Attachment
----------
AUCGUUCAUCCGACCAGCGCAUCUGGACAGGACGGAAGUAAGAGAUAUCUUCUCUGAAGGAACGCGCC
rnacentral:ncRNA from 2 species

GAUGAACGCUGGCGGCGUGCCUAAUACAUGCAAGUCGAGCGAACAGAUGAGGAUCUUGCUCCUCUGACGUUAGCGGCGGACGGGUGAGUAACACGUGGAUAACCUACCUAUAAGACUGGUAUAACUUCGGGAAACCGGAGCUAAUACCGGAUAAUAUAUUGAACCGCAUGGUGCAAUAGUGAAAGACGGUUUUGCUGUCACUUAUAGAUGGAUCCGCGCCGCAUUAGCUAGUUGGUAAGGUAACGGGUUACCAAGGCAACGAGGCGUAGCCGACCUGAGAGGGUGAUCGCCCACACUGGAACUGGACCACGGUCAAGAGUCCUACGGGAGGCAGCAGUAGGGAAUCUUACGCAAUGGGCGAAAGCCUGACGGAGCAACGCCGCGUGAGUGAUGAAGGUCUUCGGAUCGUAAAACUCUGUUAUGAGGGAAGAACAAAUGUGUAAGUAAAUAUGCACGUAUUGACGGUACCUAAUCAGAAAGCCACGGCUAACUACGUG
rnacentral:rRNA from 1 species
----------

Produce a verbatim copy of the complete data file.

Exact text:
AUCGUUCAUCCGACCAGCGCAUCUGGACAGGACGGAAGUAAGAGAUAUCUUCUCUGAAGGAACGCGCC
rnacentral:ncRNA from 2 species

GAUGAACGCUGGCGGCGUGCCUAAUACAUGCAAGUCGAGCGAACAGAUGAGGAUCUUGCUCCUCUGACGUUAGCGGCGGACGGGUGAGUAACACGUGGAUAACCUACCUAUAAGACUGGUAUAACUUCGGGAAACCGGAGCUAAUACCGGAUAAUAUAUUGAACCGCAUGGUGCAAUAGUGAAAGACGGUUUUGCUGUCACUUAUAGAUGGAUCCGCGCCGCAUUAGCUAGUUGGUAAGGUAACGGGUUACCAAGGCAACGAGGCGUAGCCGACCUGAGAGGGUGAUCGCCCACACUGGAACUGGACCACGGUCAAGAGUCCUACGGGAGGCAGCAGUAGGGAAUCUUACGCAAUGGGCGAAAGCCUGACGGAGCAACGCCGCGUGAGUGAUGAAGGUCUUCGGAUCGUAAAACUCUGUUAUGAGGGAAGAACAAAUGUGUAAGUAAAUAUGCACGUAUUGACGGUACCUAAUCAGAAAGCCACGGCUAACUACGUG
rnacentral:rRNA from 1 species